Fisheries Sciences

Ayyappan, S and Jena, J K and Lakra, W S and Srinivasa Gopal, T K and Gopalakrishnan, A and Vass, K K and Sahoo, P K and Chakraborty, Rina (2015) Fisheries Sciences. In: 100 Years of Agricultural Sciences In India. National Academy of Agricultural Sciences, New Delhi, pp. 329-410.

[img] Text
AGKN_2005_Fisheries Science_100 Years of Agriculture.pdf

Download (9MB)
Related URLs:

    Abstract

    The history of fisheries research in India goes back to the early 19th century, when dried or preserved material was sent to the Museums of Natural History in England and other European countries for identification and cataloguing (Silas, 2003). Some of the earliest scientific observations on fisheries in pre-independent India were the works of Francis Hamilton-Buchanan (1822) and Francis Day, whose initial work on ‘The Fishes of Malabar’ (1865), was followed by a monograph on ‘The Fishes of India’ (1875-78); and two more volumes on ‘Fishes’ in ‘The Fauna of British India, including Ceylon and Burma’ (1889). The enactment of Indian Fisheries Act of 1897 was a major landmark in the development of fisheries in pre-independent India. In the latter half of 19th century, emphasis on coastal and deep-water surveys in the Bay of Bengal and Andaman Sea led to possession of valuable information on new deepwater fauna of fishes and crustaceans, hydrology and plankton. The initial work by the Zoological Survey of India on fisheries and marine biology through eminent leadership of its Directors, viz. Nelsen Annandale, Stanley Kemp, Seymour Sewell, Baini Prasad and S. L. Hora during first half of the 20th century led to generation of several first hand information on the taxonomy, bionomics, eco-biology, hydrology, and fish and fisheries of upland lakes, rivers and coastal waters. The emphasis shifted from coastal and deep-water surveys in the Bay of Bengal and Andaman Sea to upland lakes, rivers and coastal waters in the beginning of the 20th century. With the establishment of the Bureau of Fisheries in 1907, the Madras Presidency became the pioneer for fisheries development in India. Establishment of the Marine Biological Station at Krusadai Island in 1924 and subsequently at West Hill and Ennore led to organized research programmes on pearl and chank fisheries in the Gulf of Mannar.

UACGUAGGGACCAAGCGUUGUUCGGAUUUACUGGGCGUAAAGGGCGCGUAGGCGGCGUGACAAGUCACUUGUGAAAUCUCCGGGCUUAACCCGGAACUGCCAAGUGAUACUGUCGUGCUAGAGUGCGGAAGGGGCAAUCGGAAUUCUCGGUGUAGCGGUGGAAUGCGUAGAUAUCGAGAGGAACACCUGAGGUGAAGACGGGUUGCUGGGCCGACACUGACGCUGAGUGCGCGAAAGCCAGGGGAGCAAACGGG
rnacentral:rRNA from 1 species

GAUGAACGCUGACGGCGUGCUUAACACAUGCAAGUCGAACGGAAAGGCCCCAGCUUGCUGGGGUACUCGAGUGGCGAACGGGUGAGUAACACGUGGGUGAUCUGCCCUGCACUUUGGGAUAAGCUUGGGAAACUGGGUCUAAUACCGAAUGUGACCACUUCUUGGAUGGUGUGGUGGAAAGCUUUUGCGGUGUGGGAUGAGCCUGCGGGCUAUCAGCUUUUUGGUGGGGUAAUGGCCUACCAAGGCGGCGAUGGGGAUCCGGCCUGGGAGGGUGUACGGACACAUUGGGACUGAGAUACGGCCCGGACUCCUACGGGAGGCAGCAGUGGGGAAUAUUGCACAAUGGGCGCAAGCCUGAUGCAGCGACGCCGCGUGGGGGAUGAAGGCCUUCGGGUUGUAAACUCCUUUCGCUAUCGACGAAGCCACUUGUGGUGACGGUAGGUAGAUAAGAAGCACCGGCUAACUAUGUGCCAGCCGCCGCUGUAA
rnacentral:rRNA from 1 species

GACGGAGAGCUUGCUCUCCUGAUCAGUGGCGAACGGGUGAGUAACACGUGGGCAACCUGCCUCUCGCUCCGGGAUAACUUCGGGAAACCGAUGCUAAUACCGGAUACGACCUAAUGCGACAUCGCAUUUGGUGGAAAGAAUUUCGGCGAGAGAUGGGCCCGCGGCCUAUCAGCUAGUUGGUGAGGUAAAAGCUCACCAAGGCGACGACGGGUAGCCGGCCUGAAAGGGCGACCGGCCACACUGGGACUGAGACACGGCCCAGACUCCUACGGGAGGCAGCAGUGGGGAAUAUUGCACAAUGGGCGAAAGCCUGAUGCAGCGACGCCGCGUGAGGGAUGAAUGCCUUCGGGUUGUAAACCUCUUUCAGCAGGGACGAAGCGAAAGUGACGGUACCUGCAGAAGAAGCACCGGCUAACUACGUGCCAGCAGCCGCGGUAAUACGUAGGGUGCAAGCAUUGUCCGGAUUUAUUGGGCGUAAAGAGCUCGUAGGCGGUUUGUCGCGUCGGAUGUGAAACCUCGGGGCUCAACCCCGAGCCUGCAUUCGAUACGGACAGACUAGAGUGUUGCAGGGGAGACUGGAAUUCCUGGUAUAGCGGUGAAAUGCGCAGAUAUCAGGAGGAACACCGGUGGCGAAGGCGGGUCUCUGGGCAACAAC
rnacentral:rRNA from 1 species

Item Type: Book Section
    Uncontrolled Keywords: agriculture
    Subjects: Fish and Fisheries
    Divisions: CMFRI-Kochi > Marine Biotechnology
    Subject Area > CMFRI > CMFRI-Kochi > Marine Biotechnology
    CMFRI-Kochi > Marine Biotechnology
    Subject Area > CMFRI-Kochi > Marine Biotechnology
    Depositing User: Arun Surendran
    Date Deposited: 22 May 2017 05:54
    Last Modified: 22 May 2017 05:54
    URI: http://eprints.cmfri.org.in/id/eprint/11795

    Actions (login required)

    View Item View Item